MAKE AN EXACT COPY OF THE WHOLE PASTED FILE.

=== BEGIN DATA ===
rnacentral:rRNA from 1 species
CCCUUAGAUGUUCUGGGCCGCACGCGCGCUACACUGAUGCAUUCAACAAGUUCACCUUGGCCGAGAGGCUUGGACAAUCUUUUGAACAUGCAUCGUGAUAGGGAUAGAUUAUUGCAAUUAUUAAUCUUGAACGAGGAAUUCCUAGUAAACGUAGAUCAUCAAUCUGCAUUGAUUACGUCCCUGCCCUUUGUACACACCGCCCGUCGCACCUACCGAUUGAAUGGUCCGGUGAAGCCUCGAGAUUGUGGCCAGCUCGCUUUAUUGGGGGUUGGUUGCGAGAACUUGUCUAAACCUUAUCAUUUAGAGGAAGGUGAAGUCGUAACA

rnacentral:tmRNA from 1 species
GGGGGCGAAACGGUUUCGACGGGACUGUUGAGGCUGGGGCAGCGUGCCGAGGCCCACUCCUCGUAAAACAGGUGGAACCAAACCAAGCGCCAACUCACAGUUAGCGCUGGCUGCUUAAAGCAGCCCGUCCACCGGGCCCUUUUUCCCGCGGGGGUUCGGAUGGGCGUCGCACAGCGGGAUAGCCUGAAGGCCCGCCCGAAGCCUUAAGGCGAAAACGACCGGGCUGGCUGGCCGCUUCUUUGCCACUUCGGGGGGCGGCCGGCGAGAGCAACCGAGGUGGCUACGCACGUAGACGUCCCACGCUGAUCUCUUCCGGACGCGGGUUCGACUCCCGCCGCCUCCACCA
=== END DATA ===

rnacentral:rRNA from 1 species
CCCUUAGAUGUUCUGGGCCGCACGCGCGCUACACUGAUGCAUUCAACAAGUUCACCUUGGCCGAGAGGCUUGGACAAUCUUUUGAACAUGCAUCGUGAUAGGGAUAGAUUAUUGCAAUUAUUAAUCUUGAACGAGGAAUUCCUAGUAAACGUAGAUCAUCAAUCUGCAUUGAUUACGUCCCUGCCCUUUGUACACACCGCCCGUCGCACCUACCGAUUGAAUGGUCCGGUGAAGCCUCGAGAUUGUGGCCAGCUCGCUUUAUUGGGGGUUGGUUGCGAGAACUUGUCUAAACCUUAUCAUUUAGAGGAAGGUGAAGUCGUAACA

rnacentral:tmRNA from 1 species
GGGGGCGAAACGGUUUCGACGGGACUGUUGAGGCUGGGGCAGCGUGCCGAGGCCCACUCCUCGUAAAACAGGUGGAACCAAACCAAGCGCCAACUCACAGUUAGCGCUGGCUGCUUAAAGCAGCCCGUCCACCGGGCCCUUUUUCCCGCGGGGGUUCGGAUGGGCGUCGCACAGCGGGAUAGCCUGAAGGCCCGCCCGAAGCCUUAAGGCGAAAACGACCGGGCUGGCUGGCCGCUUCUUUGCCACUUCGGGGGGCGGCCGGCGAGAGCAACCGAGGUGGCUACGCACGUAGACGUCCCACGCUGAUCUCUUCCGGACGCGGGUUCGACUCCCGCCGCCUCCACCA